Professor Ganzalo Garland, one of IE´s fall master class speakers

The Europe and CIS team in Madrid at IE is planning trips throughout the region for Autumn 2011. With the support of some of the top professors at IE, we will be holding Master Classes and conferences on everything from Sports Marketing, Entrepreneurship to the World Economic Outlook.

Among the many other events that we are organising, Masters Classes will be held in Moscow and Tbilisi in September, Moscow and Paris in October and also in Bucharest and Baku in November. For specific details and to register, please view this link-  Events in Europe and CIS 
You will have the opportunity to meet professors Gonzalo Garland, Pablo Martin de Holan, Eduardo Fernández-Cantelli and Gayle Allard, among others, in your city.

Here is information about each of these professors:

Gonzalo Garland- As well as teaching the core course on Economic Environment, an elective course on Business in Developing Countries and several short courses and conferences in the executive education division, Gonzalo Garland also finds time to carry out the administrative responsibilities required of him in his role as director of external relations at Instituto de Empresa.

But teaching – which he says he first experienced at the age of 17 – is in his blood and he remains passionate about it. “Teaching is crucial,” he says. “I like transmitting knowledge and being able to explain things that at first might seem difficult for people. But when they suddenly understand what you’re talking about and see the relevance, it’s very gratifying.”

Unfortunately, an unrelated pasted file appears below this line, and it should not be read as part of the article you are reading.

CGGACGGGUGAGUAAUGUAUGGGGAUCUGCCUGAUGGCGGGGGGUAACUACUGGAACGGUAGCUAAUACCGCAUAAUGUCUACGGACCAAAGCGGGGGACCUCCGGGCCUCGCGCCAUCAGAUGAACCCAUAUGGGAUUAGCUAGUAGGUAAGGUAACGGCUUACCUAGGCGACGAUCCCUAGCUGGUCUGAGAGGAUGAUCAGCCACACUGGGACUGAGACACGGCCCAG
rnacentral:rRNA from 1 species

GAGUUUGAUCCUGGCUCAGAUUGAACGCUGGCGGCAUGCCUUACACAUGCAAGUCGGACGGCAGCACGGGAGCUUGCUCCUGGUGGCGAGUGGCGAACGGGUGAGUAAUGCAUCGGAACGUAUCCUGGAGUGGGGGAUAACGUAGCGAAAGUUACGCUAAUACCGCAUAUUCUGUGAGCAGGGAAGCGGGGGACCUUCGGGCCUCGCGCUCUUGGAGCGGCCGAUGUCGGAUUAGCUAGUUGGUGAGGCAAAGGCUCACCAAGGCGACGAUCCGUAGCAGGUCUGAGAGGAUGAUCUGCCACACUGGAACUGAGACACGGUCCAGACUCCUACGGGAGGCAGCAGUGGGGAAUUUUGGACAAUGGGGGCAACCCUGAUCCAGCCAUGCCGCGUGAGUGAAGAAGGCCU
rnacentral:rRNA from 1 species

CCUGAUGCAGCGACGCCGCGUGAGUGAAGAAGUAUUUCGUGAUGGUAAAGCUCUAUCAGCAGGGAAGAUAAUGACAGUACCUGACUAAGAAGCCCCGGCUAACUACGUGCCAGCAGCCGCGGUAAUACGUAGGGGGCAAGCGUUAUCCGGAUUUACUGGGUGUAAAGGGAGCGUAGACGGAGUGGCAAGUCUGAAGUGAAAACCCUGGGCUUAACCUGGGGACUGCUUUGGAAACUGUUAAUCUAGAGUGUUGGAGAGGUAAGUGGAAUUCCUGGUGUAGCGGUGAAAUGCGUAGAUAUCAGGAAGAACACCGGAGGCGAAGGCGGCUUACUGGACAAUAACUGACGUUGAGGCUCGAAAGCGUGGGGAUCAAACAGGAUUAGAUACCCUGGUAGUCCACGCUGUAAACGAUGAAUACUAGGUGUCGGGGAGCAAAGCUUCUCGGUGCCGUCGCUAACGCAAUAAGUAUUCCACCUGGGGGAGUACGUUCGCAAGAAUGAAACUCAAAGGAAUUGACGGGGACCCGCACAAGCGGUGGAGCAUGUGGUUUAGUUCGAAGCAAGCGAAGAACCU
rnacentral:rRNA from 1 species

In the field of macroeconomics, Prof Garland has conducted research into the economic effects of demographic changes and he is also an expert on financial crises. And with his specialist knowledge of the economics of developing countries such as China, India, Brazil and Mexico, Prof Garland expertise is much in demand, as MBA students look for business education programmes that have an increasingly international flavour.

“Everyone wants a more global vision,” he says. “And the fact that 85 per cent of students in the international MBA at Instituto de Empresa are from outside Spain makes the classes fascinating because often, what you’re talking about is something that people are relating to the situation in their own countries.”

Pablo Martin de Holan is the Chairman of the Entrepreneurial Management Department of the IE Business School, where he also teaches Strategy. Since 1998, he regularly visits INCAE where he is a Full Professor of Strategy and Organization. As well, he is Adjunct Professor at MIT’s Center in Saragossa, Spain.